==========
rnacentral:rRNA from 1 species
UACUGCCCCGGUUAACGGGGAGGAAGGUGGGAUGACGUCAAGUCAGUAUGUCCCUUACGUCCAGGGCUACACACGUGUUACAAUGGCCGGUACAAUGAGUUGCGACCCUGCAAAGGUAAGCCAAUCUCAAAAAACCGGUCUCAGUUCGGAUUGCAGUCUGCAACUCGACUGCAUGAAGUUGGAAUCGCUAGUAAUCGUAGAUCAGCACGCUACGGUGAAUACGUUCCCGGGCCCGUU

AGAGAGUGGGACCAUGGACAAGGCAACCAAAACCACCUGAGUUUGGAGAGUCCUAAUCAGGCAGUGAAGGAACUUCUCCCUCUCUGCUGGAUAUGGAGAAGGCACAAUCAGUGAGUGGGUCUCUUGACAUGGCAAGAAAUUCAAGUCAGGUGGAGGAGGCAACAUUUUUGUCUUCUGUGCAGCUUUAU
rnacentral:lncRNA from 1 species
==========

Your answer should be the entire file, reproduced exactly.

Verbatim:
rnacentral:rRNA from 1 species
UACUGCCCCGGUUAACGGGGAGGAAGGUGGGAUGACGUCAAGUCAGUAUGUCCCUUACGUCCAGGGCUACACACGUGUUACAAUGGCCGGUACAAUGAGUUGCGACCCUGCAAAGGUAAGCCAAUCUCAAAAAACCGGUCUCAGUUCGGAUUGCAGUCUGCAACUCGACUGCAUGAAGUUGGAAUCGCUAGUAAUCGUAGAUCAGCACGCUACGGUGAAUACGUUCCCGGGCCCGUU

AGAGAGUGGGACCAUGGACAAGGCAACCAAAACCACCUGAGUUUGGAGAGUCCUAAUCAGGCAGUGAAGGAACUUCUCCCUCUCUGCUGGAUAUGGAGAAGGCACAAUCAGUGAGUGGGUCUCUUGACAUGGCAAGAAAUUCAAGUCAGGUGGAGGAGGCAACAUUUUUGUCUUCUGUGCAGCUUUAU
rnacentral:lncRNA from 1 species